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Former Olympic gold medalist and Title IX advocate Donna di Varona commended swimming̵7;s international governing body, FINA, for approving a new policy that Limit the participation of transgender women Competing in high level women’s swimming events.
“I am very proud of FINA for spending months and months and months talking to researchers, looking at science-based peer reviewed research on the effects of puberty on the male body and if you are looking to lower your high testosterone. If you try, what will it be. And if you can ever do that,” said the 1964 Olympic gold medalist in swimming.US report” on Monday.
FINA announced its new “gender inclusion policy” on Sunday, allowing only swimmers who made the transition before the age of 12 to compete in women’s events. A new “open competition policy” was also proposed. The organization said it is “setting up a new working group that will spend the next six months looking at the most effective ways to establish this new category.”
The policy comes after University of Pennsylvania swimmer Lia Thomas made headlines for dominating women’s teams as a transgender athlete, raising questions of fairness after scientists determined that transgender female athletes who had normal male puberty during adolescence had gone through still maintain a competitive edge over their biologically female competitors.
alluding to 1976 olympics, De Verona recalled how the world “watched East German swimmers, who were pumped with testosterone, destroy our women’s team.”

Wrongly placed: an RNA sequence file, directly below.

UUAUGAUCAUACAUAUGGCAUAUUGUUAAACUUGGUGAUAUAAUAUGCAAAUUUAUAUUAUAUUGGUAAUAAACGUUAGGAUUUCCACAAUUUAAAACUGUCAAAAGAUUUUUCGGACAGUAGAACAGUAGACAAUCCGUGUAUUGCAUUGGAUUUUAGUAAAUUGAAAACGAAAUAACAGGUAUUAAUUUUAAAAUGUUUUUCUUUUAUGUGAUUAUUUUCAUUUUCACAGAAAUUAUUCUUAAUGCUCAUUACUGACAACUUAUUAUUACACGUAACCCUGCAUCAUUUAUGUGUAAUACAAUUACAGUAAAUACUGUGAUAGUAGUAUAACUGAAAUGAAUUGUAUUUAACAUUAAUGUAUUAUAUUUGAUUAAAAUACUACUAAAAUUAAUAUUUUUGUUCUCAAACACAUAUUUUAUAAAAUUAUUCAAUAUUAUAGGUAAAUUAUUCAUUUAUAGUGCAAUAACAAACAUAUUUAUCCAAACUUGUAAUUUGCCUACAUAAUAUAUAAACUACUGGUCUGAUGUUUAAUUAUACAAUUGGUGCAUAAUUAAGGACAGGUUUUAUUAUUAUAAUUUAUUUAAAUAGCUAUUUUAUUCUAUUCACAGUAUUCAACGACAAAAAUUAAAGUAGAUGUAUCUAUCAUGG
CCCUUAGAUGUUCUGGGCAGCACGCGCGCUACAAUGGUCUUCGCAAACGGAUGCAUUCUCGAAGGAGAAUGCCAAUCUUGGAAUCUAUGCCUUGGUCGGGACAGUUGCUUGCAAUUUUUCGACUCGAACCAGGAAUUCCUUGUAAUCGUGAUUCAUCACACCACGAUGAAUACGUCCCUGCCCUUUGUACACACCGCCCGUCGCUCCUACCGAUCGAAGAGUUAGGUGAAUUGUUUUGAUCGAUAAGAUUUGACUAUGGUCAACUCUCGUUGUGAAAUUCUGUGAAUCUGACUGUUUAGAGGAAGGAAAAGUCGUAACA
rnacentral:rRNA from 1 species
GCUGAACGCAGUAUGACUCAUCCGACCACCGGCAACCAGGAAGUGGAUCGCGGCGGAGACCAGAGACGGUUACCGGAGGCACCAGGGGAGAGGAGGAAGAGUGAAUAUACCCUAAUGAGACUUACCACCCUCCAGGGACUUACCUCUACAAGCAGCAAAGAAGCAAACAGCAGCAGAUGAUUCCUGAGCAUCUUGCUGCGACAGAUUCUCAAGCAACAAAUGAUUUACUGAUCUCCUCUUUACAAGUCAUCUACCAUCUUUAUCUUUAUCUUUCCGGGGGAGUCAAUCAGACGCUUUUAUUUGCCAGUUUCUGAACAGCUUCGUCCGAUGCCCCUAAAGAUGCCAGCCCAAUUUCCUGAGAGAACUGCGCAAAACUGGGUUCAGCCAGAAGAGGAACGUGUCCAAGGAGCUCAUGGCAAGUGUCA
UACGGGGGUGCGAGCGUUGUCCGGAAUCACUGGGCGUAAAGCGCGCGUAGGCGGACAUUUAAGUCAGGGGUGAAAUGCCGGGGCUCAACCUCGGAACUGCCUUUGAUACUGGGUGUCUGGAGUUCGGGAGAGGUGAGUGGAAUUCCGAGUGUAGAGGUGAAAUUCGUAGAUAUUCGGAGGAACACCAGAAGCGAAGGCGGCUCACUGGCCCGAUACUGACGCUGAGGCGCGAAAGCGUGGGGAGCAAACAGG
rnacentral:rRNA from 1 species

“Many of those women still suffer from competing in an uneven playing field,” she said.
“But,” he added. “Swimming has been very definite in what he’s done, and he’s taken his time, and I’m very proud of him.”
FINA’s decision faced immediate backlash from LGBTQ advocates and athletes, among them American women. Soccer star Megan Rapinoe, who spoke on Sunday About inclusion of transgender in sports
Di Verona said that while she appreciates Rapinoe for his “passion and his humanity”, she feels compelled “to call him out on the fact that no one has lost a stage or opportunity.”
“When you’re talking about elite sports, you’re talking about numbers and opportunities and very few, and you work a lifetime for that. So … it’s unfair to those swimmers was, and so I would call Megan on that,” she said.
“Lia Thomas, in leaving the men’s team, and he followed the rules, he followed the policy, leaving an open position that could be filled by age 10, but three swimmers competed to go on to the Ivy League championship. Displaced from doing it and boarding the bus.”